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4 Truths about applying to work with a disability

  June 28, 2017   

By Ray Harte, Careers Consultant, Kingston University

Applying for your first job after University can be daunting. Don’t worry, you’re not alone in thinking this. If you have a disability or long term health condition you might feel that there are many more obstacles in your path, but you should be confident in the fact that progressive employers are open to you.

1. It’s OK to tell an employer about your disability and ask for what you need

There is a lot of information about employers making reasonable adjustments to support job applicants with a disability or long term health condition. Many disability-confident employers on MyPlus Students’ Club encourage students to be open about disability so that they can support them throughout the application process. Just take a look at these graduates who applied successfully with a disability and are now working well with adjustments.

2. Disability can be a positive ‘plus’

You know your disability better than anyone. You could help an employer to support you by explaining how you manage your disability or long term health condition on a day-to-day basis. By drawing upon your experience of disability, you can demonstrate positive strengths, skills and resilience – competencies that other graduates do not have. Remember, though, that you don’t have to inform an employer of your disability or long term health condition, it’s your choice whether you do or not. However, if an employer asks you directly about your disability, be honest and upfront about your disability in the context of the job.

3. It’s never too late to be open with an employer

The topics you cover in a conversation will depend on whether you have been open about your disability or not during the job application process. If you have been open with an employer during this process you can follow up the information you have given by going in to more detail about the support you need.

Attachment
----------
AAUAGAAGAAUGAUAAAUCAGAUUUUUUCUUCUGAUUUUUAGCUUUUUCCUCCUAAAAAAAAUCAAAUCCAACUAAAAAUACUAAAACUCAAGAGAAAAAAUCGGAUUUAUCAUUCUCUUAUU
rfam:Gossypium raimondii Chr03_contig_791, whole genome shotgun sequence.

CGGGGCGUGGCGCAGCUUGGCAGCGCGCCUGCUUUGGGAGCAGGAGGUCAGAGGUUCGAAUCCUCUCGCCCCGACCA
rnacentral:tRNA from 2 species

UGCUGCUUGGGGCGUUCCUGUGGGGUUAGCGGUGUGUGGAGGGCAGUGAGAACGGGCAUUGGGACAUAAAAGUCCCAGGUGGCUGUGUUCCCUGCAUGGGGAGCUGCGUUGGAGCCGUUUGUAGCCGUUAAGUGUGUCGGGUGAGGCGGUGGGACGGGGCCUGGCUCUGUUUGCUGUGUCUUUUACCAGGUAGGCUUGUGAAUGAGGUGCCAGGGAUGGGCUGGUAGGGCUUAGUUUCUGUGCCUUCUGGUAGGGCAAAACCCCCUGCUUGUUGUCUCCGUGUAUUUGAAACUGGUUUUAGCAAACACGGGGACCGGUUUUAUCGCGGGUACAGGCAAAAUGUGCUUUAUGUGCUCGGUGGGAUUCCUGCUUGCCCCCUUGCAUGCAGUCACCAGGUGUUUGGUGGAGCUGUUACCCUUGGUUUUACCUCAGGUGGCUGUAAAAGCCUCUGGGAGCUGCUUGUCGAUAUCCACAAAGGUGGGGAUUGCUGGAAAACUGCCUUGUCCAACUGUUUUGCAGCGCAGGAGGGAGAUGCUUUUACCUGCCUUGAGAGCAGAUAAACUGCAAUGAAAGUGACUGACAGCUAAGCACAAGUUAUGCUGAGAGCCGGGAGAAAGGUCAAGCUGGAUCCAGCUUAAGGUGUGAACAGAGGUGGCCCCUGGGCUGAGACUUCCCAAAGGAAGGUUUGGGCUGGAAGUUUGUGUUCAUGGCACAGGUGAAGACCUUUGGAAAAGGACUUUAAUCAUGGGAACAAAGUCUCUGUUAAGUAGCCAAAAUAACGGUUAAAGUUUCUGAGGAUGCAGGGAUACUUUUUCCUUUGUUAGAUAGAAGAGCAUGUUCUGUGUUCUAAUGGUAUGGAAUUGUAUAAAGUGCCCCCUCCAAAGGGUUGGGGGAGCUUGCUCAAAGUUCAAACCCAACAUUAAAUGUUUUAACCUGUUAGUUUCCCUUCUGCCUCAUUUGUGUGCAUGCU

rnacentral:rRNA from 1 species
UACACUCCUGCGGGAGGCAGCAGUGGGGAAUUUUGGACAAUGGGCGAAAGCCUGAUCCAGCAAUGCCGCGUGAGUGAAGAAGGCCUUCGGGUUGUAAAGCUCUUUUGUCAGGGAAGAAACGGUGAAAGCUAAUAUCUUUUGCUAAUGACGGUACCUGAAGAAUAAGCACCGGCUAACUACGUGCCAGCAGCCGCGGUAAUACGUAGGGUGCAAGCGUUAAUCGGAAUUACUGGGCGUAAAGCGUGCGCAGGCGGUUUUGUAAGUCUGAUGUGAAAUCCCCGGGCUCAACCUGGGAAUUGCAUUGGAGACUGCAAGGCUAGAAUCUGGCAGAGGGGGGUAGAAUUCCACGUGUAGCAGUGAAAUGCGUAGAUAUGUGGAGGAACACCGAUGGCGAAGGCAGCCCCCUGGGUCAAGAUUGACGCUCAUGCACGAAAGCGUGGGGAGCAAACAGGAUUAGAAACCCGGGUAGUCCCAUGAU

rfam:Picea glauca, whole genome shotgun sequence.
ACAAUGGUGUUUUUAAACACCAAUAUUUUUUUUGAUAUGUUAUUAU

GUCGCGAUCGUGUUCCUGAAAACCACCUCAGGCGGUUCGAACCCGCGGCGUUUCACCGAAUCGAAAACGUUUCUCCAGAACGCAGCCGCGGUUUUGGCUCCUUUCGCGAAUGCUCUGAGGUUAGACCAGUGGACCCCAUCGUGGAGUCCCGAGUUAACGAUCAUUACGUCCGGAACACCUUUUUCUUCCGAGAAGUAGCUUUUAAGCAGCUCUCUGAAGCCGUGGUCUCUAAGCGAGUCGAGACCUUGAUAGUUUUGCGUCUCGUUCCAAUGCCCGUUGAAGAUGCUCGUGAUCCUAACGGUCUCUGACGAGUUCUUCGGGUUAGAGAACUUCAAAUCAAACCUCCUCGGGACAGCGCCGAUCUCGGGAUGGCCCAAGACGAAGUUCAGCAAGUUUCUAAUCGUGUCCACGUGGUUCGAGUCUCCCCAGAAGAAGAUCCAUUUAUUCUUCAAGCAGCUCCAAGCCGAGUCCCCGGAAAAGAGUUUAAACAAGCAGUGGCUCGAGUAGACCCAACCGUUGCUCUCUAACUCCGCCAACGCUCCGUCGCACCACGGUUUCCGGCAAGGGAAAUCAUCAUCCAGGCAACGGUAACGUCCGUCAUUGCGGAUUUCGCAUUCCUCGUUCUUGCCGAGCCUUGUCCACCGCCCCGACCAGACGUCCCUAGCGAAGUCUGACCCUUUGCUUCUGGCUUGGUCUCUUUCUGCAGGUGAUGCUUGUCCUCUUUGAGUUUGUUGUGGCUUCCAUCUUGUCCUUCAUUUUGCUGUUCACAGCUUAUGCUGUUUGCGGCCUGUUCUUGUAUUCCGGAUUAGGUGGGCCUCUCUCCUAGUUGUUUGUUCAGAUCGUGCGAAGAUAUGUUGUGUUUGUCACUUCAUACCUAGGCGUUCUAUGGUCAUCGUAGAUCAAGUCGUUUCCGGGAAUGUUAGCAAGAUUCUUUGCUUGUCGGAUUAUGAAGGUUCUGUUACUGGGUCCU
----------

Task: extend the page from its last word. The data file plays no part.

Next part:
If you haven’t been open about your disability before you have started a job that’s still ok but you may need to start from the beginning about your disability and have conversations about what disability you have and how you manage it. This will help the employer understand your situation and put in to place support for you.

Such a conversation is not easy. Also, who would you tell in a workplace about your disability? Perhaps as a start you could inform a staff member in the Human Resources (HR) department. Also, you may want to speak to your line manager about your disability.

4. You don’t have to finance your adjustments

The Access to Work scheme is government funded. An employer might be able to apply for funding on your behalf if you attend an interview, you’re about to start a job, you’re in a paid job or you’re self-employed, or even if you’re starting work experience.

Access to work funds may cover:

  • adaptations being made to the equipment you use in the workplace
  • special equipment that you might need
  • taxi fares to your workplace if you are unable to use public transport
  • a support worker or a job coach
  • support if you have a mental health condition, you’re absent from work or finding it difficult to work
  • disability awareness training for work colleagues
  • a communicator to be with you at a job interview
  • the cost of moving your equipment if you change your location or job.

Access to Work can cover a lot and it doesn’t have to be paid back. There are limits to the amount of funding you can receive. However, no matter what may be covered by Access to Work it’s important to have conversations with relevant people in the workplace so that the right support and adjustments can be made for you.

Like any conversation between a graduate and an employer during a job interview or when you join a workplace you will talk about your strengths and your skills. If appropriate, you can give examples of how you have overcome any challenges due to a disability or long term health condition, but you don’t have to, of course. Any conversations you have with an employer about your disability is very much a ‘partner approach’ as you can discuss how you can make the best of your skills, strengths and make an impact in the workplace.

You should talk to an employer if your disability or long term health condition would have a significant impact on your ability to do your job.

These stories are tagged with: being open being open Adjustments Adjustments application advice application advice graduate jobs graduate jobs